I have a tendency to get myself very lost in “rabbit holes” on the internet – I can spend hours clicking from one page to the next and the next – so I sort of thought this would be a terrible assignment for me before I even began. I have also used the Research Guides before, strictly for finding databases and at times when I knew exactly what sort of information I was looking for, but being familiar with the site allowed me to choose what sounded interesting, without thinking too much about where it would take me. Once I got to the Research Guides page, I clicked on the International Studies tab. One guide near the end stuck out: Unique Collections on the UM Campus.
Did you know we have an amulet collection? It’s at the Taubman Health Sciences Library, which is unfortunately closed for renovations (I couldn’t find if the amulets are on display elsewhere until the building reopens). However, I didn’t see this helping me with my capstone project in any way, so I backtracked a bit to look through the library’s special collections.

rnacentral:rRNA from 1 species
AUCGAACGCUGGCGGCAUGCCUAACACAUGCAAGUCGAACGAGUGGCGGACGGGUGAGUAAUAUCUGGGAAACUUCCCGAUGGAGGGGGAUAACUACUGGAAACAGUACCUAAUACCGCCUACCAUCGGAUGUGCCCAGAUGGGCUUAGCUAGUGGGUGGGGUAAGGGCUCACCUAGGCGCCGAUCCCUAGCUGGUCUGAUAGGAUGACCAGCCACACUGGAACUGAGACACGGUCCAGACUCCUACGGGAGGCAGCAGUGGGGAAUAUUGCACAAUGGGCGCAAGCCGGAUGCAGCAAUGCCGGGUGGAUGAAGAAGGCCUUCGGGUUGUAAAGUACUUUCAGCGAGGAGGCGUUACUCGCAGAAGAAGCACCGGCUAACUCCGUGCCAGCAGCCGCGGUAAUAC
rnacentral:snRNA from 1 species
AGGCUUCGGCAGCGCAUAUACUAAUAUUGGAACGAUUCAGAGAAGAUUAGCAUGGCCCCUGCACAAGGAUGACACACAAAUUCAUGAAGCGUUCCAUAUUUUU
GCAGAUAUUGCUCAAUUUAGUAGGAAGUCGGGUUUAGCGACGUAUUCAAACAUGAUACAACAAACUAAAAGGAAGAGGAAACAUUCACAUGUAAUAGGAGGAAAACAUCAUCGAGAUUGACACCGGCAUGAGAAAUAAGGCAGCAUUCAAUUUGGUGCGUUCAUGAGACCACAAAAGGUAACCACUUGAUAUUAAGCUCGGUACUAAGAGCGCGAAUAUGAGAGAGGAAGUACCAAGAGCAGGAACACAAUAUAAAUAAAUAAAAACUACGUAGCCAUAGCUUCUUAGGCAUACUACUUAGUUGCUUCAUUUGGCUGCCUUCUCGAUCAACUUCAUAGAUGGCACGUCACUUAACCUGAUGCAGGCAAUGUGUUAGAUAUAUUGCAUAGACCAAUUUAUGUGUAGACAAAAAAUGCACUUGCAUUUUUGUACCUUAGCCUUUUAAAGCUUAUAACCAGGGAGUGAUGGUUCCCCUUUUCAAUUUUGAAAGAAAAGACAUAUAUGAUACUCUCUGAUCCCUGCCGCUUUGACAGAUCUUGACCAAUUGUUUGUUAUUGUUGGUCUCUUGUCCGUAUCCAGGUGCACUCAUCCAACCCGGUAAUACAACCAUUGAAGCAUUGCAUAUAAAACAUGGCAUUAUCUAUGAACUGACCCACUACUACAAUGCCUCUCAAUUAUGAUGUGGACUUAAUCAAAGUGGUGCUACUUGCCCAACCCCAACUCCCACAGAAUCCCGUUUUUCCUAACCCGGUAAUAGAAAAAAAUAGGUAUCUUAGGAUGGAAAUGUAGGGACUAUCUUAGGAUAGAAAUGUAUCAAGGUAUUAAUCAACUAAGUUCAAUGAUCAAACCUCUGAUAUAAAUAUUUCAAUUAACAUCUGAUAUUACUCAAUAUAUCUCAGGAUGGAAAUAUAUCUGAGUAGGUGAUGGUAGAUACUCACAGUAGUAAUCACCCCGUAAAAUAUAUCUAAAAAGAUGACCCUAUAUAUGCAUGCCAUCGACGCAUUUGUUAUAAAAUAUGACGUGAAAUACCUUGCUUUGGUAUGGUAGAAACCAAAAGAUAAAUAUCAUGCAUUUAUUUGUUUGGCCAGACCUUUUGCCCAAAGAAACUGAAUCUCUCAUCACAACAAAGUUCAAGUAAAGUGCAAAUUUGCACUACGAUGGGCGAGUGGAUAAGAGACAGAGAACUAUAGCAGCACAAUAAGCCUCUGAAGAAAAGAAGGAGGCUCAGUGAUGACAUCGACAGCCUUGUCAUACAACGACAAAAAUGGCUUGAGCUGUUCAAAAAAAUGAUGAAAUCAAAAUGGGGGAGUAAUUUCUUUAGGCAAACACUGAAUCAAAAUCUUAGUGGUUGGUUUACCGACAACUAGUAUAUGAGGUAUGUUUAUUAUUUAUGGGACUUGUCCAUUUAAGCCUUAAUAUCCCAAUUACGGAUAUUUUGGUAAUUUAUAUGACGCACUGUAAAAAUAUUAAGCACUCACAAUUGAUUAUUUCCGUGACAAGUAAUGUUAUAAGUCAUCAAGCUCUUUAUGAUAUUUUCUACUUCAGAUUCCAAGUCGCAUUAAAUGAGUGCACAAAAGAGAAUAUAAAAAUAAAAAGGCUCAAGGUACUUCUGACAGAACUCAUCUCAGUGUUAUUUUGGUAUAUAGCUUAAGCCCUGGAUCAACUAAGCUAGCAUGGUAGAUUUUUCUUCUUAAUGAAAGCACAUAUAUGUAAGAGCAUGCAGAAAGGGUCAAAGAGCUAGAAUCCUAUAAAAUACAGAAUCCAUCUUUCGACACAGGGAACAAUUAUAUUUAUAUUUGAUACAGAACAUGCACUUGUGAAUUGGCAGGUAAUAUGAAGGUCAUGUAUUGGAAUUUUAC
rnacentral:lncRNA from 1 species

I found that there’s a culinary archive of American cookbooks and related materials from the past 400 years. The archive’s description mentioned the strong connection between food and culture, which I find very interesting. Still, I was unconvinced I had found my topic, so I went back to the Research Guide and clicked on Social Sciences. Lo and behold, there is a category on Food Studies. It gives suggestions on how to research food technology, culture, history, and even government regulation. I started thinking of about a million different ways I could explore food in my capstone project. Although I did not come up with any concrete ideas, and I still have no idea what I’ll be doing for this project, food seems like a good place to start.